Social Exclusion and Higher Education

Who goes into Higher Education is still significantly determined by social and economic factors. This derives from deeply set generation to generation parental circumstances. Specifically for education, one even for HE must go back to the all-time key measure of poverty and exclusion, which is the take up of free school meals.
Under a quarter of people on free school meals gain five or more GCSEs at A* to C, whereas over a half achieve this of all children.
So before we even get to A levels, poverty is excluding children and raises the need for renewed access in later life to training, study and ways into further and possibly Higher Education.
Only about one sixth of young people from unskilled social backgrounds begin Higher Education by the age of 21, compared with eight out of ten coming from a professional background.
Obviously the employment mix of an area is important. Hull and Grimsby are notorious locations for low educational achievement. It comes in part from the predominance of sea based and food processing industries. In the past when fishing and the docks and the supporting industries were a continuous and strong bedrock of employment, education was content to produce people suited for these repetitive semi-skilled and unskilled sources of lifelong employment. In the 1980s and 1990s structural change and high levels of unemployment reinforced lack of educational achievement. Efforts at increasing the diversity of employment have received limited success, and there are still large groups of people especially living on estates locked into low expectations.
Those who did well moved away; those who stayed did so in an environment of low expectations.
As a supply teacher sometimes visiting schools of the socially excluded, I have seen the lack of adequate teacher numbers in these unattractive schools, and lack of motivation and poor behaviour in the students. As a teacher of Key Skills in FE, I have seen the product of schooling where, for the large part, many students still needing English and Mathematics at Year 7 or 8 levels have, in their school days, in fact been learning how to avoid work and how to master distraction. Students in this stream go into low level Travel and Tourism or Business Studies courses - stuck in between education and training - with little chance of activity in these industries as businesses now practise qualification barriers to entry. And so the social exclusion continues. At the same time more confident students already succeeding opt for AS and A2 levels in the well worn tramlines of educational success; the same social and economic backgrounds forming the supply chain into Higher Education.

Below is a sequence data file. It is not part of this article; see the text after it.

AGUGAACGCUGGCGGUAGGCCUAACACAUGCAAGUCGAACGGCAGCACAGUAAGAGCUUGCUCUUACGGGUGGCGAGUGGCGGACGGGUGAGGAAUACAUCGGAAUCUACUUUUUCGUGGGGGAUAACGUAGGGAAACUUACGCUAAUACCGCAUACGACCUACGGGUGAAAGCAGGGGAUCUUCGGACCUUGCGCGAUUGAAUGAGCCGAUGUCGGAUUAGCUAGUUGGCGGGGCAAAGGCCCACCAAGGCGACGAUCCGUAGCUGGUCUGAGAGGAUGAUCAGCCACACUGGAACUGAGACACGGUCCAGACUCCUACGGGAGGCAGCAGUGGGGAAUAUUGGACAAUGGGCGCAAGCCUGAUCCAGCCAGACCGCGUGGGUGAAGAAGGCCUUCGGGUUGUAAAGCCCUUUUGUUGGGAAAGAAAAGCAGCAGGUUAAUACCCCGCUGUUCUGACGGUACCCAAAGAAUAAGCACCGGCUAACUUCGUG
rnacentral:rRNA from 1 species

There are efforts towards social inclusion, for example more widespread basic skills provision and via work and training programmes for gaining skills and experience. Much of this effort does not reach the level of Higher Education. What will affect Higher Education is change such as suggested by the Tomlinson Report, which involves an integrated Diploma of vocational and academic transferable skills. Unfortunately, the very government that has prided itself on efforts towards social inclusion at the lower end of achievement, has pledged to continue with GCSE and A levels and therefore of the British disease of two tier education, where those who can do academic study on the road to Higher Education and those who cannot see a vocational path ahead.
Actually, in recent years, the attempt has been made, through an arguably more Japanese model of education, using frequent exams and quantitative measures of success for individuals and institutions, to include everyone in the academic route. But it has not worked. The 14 to 19 curriculum reforms are a realistic retreat from this, but the solution of integration that Tomlinson represented has probably been lost.
Just to have a sort of government target of 50 per cent of young people into Higher Education will not do without further changes. In any case, the prospect of debt is likely to put many young people off, including those who would receive financial assistance. It might lead to fewer middle class children applying, but it won't increase the working and underclass applications without wider social change.
Measures of social inclusion have to be lifelong and continuous, moving people upwards wherever they are. There is no doubt that Higher Education itself has to become broader and more flexible, picking up these people as they arrive; drawing on transferable skills into itself, so that students can develop from where they are: older students coming in - perhaps at a moment of economic change or need for more knowledge based training - bringing to study more life experience. Their self-discipline can enhance self-study; their experience of decision making can develop into research skills; and they can make comparisons between what they learn and what they already know. Higher Education has to be applied - and inward. The provision of study skills must increase and be a cornerstone of the education experience.
Whilst for the forseeable future younger students will come clutching their A Levels, we should expect that Higher Education will be part of lifelong learning rather than simply the continuing route of the ongoing definition of educational success.


Adrian Worsfold

Pluralist - Liberal and Thoughtful